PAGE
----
Adapt to unpredictable circumstances. Also, part of adapting to changes is to let go of ineffective mindsets. Good leaders rely on the conventional structure but know when to let go when it does not work for certain circumstances. Leaders should be critical of old and new mindsets to constantly seek better ways of doing things.
Miscommunication is another widespread problem that leaders will meet. The success of an organization heavily relies on the interaction of its members. Even the experienced ones are not spared. New leaders meet communication problems because they are still familiarizing themselves with their teams. Experienced leaders may still face communication problems when they get complacent and refuse to hear their team, thinking they already know how to manage matters.
Given the changing times and unpredictable circumstances, the surefire way to manage the dynamics of an organization is to keep communication lines open and unbiased as much as possible. Leaders should make it a point to remind their team that even if they may not always agree with all their members, they are still approachable and amenable to communicative dialogues.
Solid and respectable leadership does not mean that challenges and obstacles do not come their way. It simply means that the leader has the right skills to overcome these obstacles. It is these obstacles that decide whether the leader is deserving of the privileges and responsibilities or not.
Handling Conflicts/ Conflict Management
Open communication lines are your reliable preventive medicine and remedy in managing conflicts. Even before disputes arise, leaders must create an environment where everyone is free to express their minds most properly and respectfully. Leaders should encourage healthy discussions during meetings and even in casual conversations. This encompasses all the organization members, regardless of age, gender, race, and rank. Even if there are disagreements, respect should not be lost in discussions. Everyone should be encouraged to adjust to each other’s differences.
Encourage a healthy resolution of conflict to improve and strengthen group dynamics, enhance mutual respect, and get a better perspective of the company’s common goals. When the competition is already there, the leaders should take the first step in finding and understanding the root of the match. No harsh judgments should be passed until all sides are heard. The leaders should also emphasize that the goal of understanding the competition is to resolve it, not to make it big. All parties involved should be encouraged to set their sights toward resolution, not a more significant battle.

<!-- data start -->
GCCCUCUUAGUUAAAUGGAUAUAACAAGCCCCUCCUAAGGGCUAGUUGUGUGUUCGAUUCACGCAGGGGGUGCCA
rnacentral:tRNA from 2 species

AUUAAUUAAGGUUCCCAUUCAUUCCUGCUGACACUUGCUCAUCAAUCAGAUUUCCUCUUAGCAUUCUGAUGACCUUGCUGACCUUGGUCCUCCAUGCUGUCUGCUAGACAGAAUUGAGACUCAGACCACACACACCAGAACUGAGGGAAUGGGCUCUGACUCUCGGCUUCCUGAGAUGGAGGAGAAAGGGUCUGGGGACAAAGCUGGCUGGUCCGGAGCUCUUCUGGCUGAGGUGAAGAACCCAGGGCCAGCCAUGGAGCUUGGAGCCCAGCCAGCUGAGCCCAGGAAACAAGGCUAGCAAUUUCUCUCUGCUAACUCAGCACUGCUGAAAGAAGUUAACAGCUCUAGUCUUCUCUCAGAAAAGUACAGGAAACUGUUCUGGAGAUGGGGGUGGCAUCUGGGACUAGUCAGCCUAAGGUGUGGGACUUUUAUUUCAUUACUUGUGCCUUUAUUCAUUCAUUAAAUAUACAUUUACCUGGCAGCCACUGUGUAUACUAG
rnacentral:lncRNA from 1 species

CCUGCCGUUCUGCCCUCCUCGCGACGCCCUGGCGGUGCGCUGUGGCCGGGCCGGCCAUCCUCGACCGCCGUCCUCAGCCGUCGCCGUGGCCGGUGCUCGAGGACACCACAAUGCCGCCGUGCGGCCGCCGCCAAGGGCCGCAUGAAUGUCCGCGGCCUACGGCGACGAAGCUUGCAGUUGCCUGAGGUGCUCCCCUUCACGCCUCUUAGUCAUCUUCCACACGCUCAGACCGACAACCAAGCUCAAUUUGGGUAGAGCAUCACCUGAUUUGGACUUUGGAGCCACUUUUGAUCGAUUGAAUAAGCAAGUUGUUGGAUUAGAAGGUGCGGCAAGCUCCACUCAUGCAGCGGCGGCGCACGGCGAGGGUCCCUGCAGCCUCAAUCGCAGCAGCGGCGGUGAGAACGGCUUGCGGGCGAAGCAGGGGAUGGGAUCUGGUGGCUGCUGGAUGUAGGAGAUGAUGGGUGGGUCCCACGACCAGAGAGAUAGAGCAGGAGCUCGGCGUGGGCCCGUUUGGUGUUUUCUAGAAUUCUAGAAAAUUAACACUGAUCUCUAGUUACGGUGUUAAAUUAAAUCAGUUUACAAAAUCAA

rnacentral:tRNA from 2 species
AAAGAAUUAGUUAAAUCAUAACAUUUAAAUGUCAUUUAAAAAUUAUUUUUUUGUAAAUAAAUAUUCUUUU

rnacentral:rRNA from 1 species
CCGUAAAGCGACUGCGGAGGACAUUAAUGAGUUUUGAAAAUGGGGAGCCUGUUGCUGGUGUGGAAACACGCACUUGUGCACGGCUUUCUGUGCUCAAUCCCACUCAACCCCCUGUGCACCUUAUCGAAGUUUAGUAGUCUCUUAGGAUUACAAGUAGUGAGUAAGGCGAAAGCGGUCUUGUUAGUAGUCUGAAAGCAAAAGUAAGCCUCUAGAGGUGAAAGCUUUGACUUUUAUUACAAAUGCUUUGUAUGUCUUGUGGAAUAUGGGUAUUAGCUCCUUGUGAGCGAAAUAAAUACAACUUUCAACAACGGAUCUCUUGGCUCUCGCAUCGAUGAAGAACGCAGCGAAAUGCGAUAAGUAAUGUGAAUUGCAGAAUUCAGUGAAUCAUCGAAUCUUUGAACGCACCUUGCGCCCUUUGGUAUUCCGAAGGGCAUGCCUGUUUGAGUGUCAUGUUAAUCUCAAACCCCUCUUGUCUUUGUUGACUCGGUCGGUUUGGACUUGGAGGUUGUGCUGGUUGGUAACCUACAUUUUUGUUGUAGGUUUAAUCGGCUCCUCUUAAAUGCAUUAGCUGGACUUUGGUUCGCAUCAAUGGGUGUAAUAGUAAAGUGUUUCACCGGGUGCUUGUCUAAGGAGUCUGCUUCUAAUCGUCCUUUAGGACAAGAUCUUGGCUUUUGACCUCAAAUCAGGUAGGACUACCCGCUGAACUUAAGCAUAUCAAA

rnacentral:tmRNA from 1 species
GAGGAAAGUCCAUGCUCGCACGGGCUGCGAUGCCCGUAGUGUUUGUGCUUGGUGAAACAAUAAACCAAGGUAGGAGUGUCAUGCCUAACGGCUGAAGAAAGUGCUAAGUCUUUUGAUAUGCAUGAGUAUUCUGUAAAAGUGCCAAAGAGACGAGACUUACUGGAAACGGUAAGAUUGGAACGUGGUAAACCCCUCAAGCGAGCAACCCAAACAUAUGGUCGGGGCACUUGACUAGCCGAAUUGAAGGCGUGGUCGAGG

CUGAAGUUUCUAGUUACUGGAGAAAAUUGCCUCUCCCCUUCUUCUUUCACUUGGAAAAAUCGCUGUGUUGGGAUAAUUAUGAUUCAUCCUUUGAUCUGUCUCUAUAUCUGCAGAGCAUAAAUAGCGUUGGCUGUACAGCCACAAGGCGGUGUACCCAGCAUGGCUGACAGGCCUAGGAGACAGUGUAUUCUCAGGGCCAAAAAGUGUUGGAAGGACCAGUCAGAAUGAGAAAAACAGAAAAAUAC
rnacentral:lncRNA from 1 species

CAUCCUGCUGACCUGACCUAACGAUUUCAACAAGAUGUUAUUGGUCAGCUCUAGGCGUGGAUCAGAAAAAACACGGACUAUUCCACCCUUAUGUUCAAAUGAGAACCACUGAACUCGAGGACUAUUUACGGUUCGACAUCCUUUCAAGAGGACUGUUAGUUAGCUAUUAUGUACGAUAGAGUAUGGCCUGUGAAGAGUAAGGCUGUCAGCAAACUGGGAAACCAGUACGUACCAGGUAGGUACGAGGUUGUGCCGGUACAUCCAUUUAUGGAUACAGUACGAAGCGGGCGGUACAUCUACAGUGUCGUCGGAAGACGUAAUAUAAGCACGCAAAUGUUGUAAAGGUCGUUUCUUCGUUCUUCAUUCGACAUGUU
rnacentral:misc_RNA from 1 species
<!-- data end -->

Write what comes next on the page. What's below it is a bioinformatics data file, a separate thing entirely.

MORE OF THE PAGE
In conflict resolution, leaders should be cautious about playing the blame game. They can do this by separating the person from the problem. A person may cause a problem, but this does not give anyone (not even the leader) the right to accuse the person of being the problem. Leaders that can separate issues from people will avoid making permanent relationship damages.
Listening is a primary part of conflict resolution. The leader must understand where each side is coming from. They must be given the right to defend their position without offending the other party. In the process, the leader must ease in setting the facts straight. Objectivity is needed from the leader as a facilitator. At the same time, they must hear out the interests of each side. This will give a better view of why the parties involved are taking such sides.
Once all the sides are voiced out, the leader should combine all the information presented and clarify all the facts presented to everyone. No resolution can be formed if not everyone agrees on the points. Summarize the statements of each side and explain their sentiments.
Once everyone has agreed on the problem, everyone can brainstorm for workable solutions. Leaders should remember that there are diverse ways of solving a problem. Most of the time, all parties involved must compromise to meet halfway. Sometimes the other party’s stand must be unpopular, especially if that stand steps on anyone. Some solutions give all the parties what they want without the risk of another conflict. Leaders have their styles of solving disputes. Some leaders try to avoid conflict altogether, while there are people that face the problem head-on to put an end to it. Whatever style, it must also adjust to the problem at hand.
When the resolution has been negotiated, the leader and the parties involved must produce ways to prevent the conflict from happening in the future. This should also build stronger relationships among colleagues.
Leaders should not fear conflict, as it can present opportunities for reassessing goals and strengthening relationships. If the leader is armed with good conflict management skills, it should not be a harmful source of tension.